Can anyone tell me what this white stuff is? It looks like thin candy floss, I think its salts or some fungus attack, but either way I will need some advice on how to get rid of the problem.
applestar wrote:As many of you may have noticed, I like taking pictures of my garden and plants.
I suppose some of you can't "picture it" being any other way, but with the advent of affordable decent digital camera to present day, decent cell phone cameras with plenty of data storage, it's almost crazy not to take progress photos of your garden if you want to be a better gardener and improve your gardening techniques and your garden's performances from year to year.
You can take snap-shots of the garden design and progress through the seasons. You can keep visual records of plants you grew and crops harvested.
It's also useful to take close up photos of the garden so you can identify individual plants, and taking macro/zoomed in magnified photos of individual plants can be an eye-opener.
I don't know about you, but I can't always get down that close to a plant to look at them in detail. And sometimes, being able to see up close makes all the difference. Sometimes, when trouble shooting, you might even have to go further and take microscope images like 60X - 300X.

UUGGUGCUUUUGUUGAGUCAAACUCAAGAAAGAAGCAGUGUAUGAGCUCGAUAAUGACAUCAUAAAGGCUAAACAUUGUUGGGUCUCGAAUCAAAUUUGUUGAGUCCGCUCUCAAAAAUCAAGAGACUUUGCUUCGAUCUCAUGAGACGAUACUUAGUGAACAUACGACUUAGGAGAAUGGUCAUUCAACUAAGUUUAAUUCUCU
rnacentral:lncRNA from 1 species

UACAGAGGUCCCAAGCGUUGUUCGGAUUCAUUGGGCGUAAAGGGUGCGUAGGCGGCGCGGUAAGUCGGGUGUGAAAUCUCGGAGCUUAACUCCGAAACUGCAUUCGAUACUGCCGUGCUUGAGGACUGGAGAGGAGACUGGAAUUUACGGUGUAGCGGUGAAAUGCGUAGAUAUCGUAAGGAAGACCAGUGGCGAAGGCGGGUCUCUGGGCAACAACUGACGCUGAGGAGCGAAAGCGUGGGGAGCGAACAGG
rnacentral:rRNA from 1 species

You can have the photos date and/or time stamped, and even if not marked on the photos, the digital photos have those information embedded in the files. You can choose to also save location data, if you like, and there are apps that will also attach weather info based on the location data. And if you prefer, there are apps that will not save these data when used to save a copy of the photo.
None of these photos have to be professional looking. Mine certainly aren't. They can all be for your own private use, or if you are a reckless exhibitionist like me, you can post and share them on the forum. ...and of course, when you are asking questions about a problem, etc. A couple of photos really makes a difference.
Here's what led me to start this thread --
I was taking pictures of the buds of the seed-grown lemon with our new clip on macro lens on the iPad. I've been getting a fair amount of practice from taking photos of the avocado blossoms, but it still takes several tries to get good, focused pictures, but with digital photo files and plenty of storage, that's not a problem at all.
For this, I'm not going to make a collage like I usually do, so you can really zoom in and see what I saw (click or tap on the photos to focus and zoom-in)
This is what the lemon tree branches look like to my unaided eyes:
Then, when I was looking at these macro photos, I noticed the ants... Then the scale insects
More tiny and well camouflaged scale insects
...I've been busy treating the lemon and eradicating the pests all afternoon.